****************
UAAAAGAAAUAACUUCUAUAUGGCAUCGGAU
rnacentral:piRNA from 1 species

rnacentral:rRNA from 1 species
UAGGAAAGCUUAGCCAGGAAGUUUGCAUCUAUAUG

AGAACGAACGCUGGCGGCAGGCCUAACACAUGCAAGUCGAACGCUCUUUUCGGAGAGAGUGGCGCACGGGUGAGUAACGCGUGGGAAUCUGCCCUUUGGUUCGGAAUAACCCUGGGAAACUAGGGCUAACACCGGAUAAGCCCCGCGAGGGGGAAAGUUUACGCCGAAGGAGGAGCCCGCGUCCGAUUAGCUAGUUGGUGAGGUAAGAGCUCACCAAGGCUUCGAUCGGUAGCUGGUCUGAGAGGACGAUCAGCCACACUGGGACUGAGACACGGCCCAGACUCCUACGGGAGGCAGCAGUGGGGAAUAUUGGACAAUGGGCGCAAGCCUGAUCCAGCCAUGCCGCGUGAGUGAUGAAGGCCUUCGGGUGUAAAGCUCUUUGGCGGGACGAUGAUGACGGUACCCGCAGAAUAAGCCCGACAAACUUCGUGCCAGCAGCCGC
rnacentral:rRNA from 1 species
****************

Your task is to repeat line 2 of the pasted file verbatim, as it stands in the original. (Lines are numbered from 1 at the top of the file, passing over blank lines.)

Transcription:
rnacentral:piRNA from 1 species